Senior Director of JAX Rare and Orphan Disease Center, Cat Lutz, Ph.D., M.B.A. is honored for her tireless efforts in rare disease research
, Ph.D., senior director of the Rare and Orphan Disease Center at The Jackson Laboratory, has been awarded a Rare Impact Award from the National Organization for Rare Disorders, a patient advocacy organization for individuals with rare diseases and the organizations that serve them.
The Rare Impact Award honorees are individuals and organizations making a substantial impact for people living with rare diseases. Lutz, one of 14 honorees, is being recognized for her years of dedication to helping individuals in rare disease communities on their personal journeys, as well as her work conducting lifesaving research.
The National Institutes of Health defines a rare disease as a condition that affects fewer than 200,000 people in the United States. There are more than 7,000 known rare diseases and about 25 to 30 million Americans are impacted – making rare diseases not so rare after all. But due to small patient populations for each condition, most rare diseases have no treatments, and curative approaches are seldom ever seen.
Rare disease research has improved throughout the years and Lutz has seen – and contributed to – this progress firsthand. “When I first started working in this field, the process of developing a mouse model and testing for drug efficacy to move to a clinical trial took 10 to 15 years,” she says. “Today, this process can sometimes take less than two years, and the time saved is invaluable in the rare disease research odyssey.”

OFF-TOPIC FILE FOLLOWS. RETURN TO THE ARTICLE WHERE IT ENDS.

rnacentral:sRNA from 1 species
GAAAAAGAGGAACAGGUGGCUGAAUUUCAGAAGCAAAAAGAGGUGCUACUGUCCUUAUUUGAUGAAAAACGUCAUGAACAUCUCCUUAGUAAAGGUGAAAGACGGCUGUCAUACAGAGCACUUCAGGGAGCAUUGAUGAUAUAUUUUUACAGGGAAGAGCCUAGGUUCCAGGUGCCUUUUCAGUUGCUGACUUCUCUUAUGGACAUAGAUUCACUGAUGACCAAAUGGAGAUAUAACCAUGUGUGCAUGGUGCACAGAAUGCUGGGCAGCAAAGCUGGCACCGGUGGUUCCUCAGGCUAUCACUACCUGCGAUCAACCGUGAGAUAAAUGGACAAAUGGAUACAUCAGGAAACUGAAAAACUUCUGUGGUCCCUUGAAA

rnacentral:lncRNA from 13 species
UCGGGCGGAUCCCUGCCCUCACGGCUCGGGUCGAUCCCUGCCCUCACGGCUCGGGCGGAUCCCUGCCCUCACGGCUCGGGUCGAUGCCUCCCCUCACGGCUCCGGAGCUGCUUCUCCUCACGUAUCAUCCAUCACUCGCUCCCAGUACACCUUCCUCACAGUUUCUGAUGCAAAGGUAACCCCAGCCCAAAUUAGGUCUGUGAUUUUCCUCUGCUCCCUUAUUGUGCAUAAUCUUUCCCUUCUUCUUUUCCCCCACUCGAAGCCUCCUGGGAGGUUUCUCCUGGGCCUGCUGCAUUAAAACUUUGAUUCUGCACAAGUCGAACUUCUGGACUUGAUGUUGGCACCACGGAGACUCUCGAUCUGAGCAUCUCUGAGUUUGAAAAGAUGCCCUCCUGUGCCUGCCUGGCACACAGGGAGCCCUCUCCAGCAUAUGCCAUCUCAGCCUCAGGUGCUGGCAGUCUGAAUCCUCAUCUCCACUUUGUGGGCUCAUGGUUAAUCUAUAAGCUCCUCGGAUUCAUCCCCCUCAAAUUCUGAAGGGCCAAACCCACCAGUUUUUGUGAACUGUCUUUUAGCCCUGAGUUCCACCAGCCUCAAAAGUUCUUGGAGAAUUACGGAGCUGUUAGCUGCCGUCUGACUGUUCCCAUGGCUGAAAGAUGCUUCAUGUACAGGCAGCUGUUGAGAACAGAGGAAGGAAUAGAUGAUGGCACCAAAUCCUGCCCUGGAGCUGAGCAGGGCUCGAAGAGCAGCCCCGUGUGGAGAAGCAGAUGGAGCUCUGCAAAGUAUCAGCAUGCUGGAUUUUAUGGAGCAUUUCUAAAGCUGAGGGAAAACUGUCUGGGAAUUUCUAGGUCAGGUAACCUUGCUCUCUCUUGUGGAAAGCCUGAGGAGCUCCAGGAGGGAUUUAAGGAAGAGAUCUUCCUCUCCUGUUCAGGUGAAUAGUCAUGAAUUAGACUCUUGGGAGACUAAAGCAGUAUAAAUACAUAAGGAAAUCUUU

Lutz’s team has worked with over 30 rare disease organizations to help families impacted by creating a systematic approach for drug discovery. Each collaboration provides new insights that help not just the organization or family itself, but also may help another rare disease family on their journey and also by shedding light on conditions outside the rare disease world. Lutz’s work proves that it is possible to make a brighter future for these families, who often have had little hope on their research pathway.
“The scientists at JAX are on a mission to improve human health, not only for people suffering from common conditions like diabetes and Alzheimer’s, but also for rare disorders that affect very small groups of people,” says , Ph.D., M.B.A. executive vice president of The Jackson Laboratory and president, JAX® Mice, Clinical and Research Services. “We are extremely proud of Cat’s research and the team that she has built to make strides for this often-overlooked community.”
In 2016, the rare disease community celebrated a major milestone with the approval of Spinraza, a treatment for Spinal Muscular Atrophy. The pathway for this drug approval began in 2005 when Lutz began working with collaborators, creating the repository for SMA mouse models at JAX, later distributing the models to researchers around the globe, laying the foundation for the successful clinical trials. Today, this achievement has provided tremendous hope to so many patient populations.
“This community can’t stop the fight against rare diseases. With over 7,000 rare diseases, we have more work ahead of us,” Lutz says. “But I know that together, empowered by equal parts scientific technology and determination, we will get there."